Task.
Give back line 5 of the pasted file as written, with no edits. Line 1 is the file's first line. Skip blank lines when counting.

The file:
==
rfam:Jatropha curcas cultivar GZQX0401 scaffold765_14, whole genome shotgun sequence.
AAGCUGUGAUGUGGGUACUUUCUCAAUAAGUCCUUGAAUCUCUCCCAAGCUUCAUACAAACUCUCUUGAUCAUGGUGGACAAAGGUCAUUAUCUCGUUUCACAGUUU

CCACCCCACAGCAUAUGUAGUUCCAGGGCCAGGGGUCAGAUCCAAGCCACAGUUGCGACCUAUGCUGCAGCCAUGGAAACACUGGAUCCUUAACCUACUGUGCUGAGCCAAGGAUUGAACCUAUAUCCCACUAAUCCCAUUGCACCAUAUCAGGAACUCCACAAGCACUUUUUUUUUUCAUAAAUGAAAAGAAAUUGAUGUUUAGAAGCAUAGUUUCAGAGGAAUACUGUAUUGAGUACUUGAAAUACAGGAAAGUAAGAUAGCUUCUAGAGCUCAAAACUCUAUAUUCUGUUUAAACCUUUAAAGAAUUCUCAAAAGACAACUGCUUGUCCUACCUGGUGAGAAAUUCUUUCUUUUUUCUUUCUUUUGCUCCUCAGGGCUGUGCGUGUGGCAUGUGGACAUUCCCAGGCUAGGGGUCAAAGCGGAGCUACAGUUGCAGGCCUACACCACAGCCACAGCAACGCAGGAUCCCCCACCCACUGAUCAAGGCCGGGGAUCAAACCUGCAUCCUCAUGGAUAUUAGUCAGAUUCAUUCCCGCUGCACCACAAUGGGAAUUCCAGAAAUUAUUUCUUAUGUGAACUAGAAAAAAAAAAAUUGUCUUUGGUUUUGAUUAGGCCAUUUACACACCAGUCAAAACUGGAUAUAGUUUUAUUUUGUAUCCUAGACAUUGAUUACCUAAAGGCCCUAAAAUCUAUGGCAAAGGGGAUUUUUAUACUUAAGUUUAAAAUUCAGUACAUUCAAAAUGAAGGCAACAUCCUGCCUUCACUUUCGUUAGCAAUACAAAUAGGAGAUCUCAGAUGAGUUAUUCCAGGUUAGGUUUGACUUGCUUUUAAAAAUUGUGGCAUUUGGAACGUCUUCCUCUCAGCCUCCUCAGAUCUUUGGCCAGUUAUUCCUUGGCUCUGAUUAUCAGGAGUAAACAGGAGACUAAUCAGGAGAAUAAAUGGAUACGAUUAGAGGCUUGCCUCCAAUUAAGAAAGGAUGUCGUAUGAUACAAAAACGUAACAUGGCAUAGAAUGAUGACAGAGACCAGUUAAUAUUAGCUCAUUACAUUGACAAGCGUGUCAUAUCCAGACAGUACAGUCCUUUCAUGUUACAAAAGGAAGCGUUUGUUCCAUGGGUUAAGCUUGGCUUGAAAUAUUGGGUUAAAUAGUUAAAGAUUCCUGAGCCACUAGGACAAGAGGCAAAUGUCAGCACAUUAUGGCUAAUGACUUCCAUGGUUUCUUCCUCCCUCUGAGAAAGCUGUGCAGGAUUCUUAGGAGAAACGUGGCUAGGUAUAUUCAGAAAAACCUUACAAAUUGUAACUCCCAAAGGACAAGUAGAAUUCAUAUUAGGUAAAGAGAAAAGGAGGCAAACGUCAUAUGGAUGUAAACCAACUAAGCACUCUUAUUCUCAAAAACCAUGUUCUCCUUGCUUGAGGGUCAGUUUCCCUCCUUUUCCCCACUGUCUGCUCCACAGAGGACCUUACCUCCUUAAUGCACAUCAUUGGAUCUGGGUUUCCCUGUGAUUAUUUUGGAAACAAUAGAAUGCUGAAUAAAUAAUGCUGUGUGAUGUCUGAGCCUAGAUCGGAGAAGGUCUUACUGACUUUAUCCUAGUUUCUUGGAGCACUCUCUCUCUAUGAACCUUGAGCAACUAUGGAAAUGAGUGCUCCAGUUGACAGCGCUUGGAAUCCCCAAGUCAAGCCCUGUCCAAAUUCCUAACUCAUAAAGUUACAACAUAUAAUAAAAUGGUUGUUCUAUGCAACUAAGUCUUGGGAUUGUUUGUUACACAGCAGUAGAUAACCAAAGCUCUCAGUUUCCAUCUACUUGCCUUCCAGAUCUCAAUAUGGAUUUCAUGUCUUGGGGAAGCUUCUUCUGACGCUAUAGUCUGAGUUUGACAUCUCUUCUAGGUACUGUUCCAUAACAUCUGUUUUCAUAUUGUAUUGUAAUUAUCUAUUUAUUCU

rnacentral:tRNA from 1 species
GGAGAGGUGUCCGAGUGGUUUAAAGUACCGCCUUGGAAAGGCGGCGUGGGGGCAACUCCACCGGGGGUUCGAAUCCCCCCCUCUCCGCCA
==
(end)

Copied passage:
GGAGAGGUGUCCGAGUGGUUUAAAGUACCGCCUUGGAAAGGCGGCGUGGGGGCAACUCCACCGGGGGUUCGAAUCCCCCCCUCUCCGCCA